But the look of the film is a triumph. I was really wondering how McKean's work would translate into motion graphics; it would be hard to maintain the level of density and constructedness in his illustration in a film setting. But it turns out his bricolage technique - compositing by any other name - is simple to translate. I asked him about the challenges of going from flat to film, and he basically said that as he works by building raw images up into a whole on a computer, it was pretty simple to extend that to see the shot footage as just more source material.

The man has a good eye, too - the direction was unobtrusive, but not pedestrian at all.

So what are the stand out images? Well, the visual density of the piece makes it hard to single anything out - it's like dipping your eyeballs in golden syrup and glitter. The Sphynx are great - they get the human-face on puppet feel of a Tony Oursler but have convincing weight and solidity in the story world. Sequences with the black Queen vomiting out darness are as disturbing as a Chris Cunningham video. Throwing down books to hitch a lift is a genius sequence, well executed. The Cities are marvellous, with a sharded, changeable feel that suits the hypnogogic imagery.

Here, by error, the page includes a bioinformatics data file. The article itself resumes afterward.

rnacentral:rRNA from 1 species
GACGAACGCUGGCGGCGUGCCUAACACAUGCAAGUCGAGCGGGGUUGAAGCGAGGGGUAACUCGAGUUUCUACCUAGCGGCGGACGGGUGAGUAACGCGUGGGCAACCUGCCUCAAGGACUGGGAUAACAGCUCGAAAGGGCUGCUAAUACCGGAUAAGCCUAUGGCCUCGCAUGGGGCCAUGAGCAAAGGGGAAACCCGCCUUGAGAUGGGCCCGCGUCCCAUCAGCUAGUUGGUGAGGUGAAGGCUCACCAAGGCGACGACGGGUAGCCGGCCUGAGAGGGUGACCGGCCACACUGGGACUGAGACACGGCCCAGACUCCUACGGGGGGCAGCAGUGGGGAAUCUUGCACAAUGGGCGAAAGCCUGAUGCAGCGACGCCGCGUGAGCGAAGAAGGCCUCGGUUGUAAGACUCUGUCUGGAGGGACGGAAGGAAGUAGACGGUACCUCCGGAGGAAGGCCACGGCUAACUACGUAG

It seems a shame, then, that Sony don't seem to know what to do with the picture; how or whether to market it, or what market it's for. And it needs a cinema release; it will be beautiful on DVD, yes, but you need a twenty foot screen to appreciate the richness of the visuals

So - to sum up. An amazing opportunity to see a film that will become a lost masterpiece even before a commercial release. I feel sad that so few others got the chance to see it too.

2 comments:

James Wallis said...

It's getting a cinematic opening over here: March 3rd, according to the posters in the tube.

I saw it at the London Film Festival. I think the problem is that if you don't know Gaiman's work (or if you do but you've already read Coraline, which is very similar) it's hard to see what the fuss is about. Structually it felt like the kind of thing that might have been shown in four or five episodes on the BBC at 5pm on Saturday a few years ago; and it also exposes the lazy habits that a writer accustomed to the 24pp monthly comic-book format can acquire. In other words I didn't like it.

kim said...

Well... OK. I'm not at all a Gaiman groupie; if anything, I got overexcited about the film because of the combination of Henson and Dave McKean.

The bitty structure is exactly the thing that could have been tightened by better exec oversight and script editing, which is what I think the film needed, to be honest.

What is good about it, though, is the absolute purity of the visuals; it's one person's visual world, built from the ground up, and it's incredibly rare that you see that level of craft from an individual on a film.

The visual richness carries it.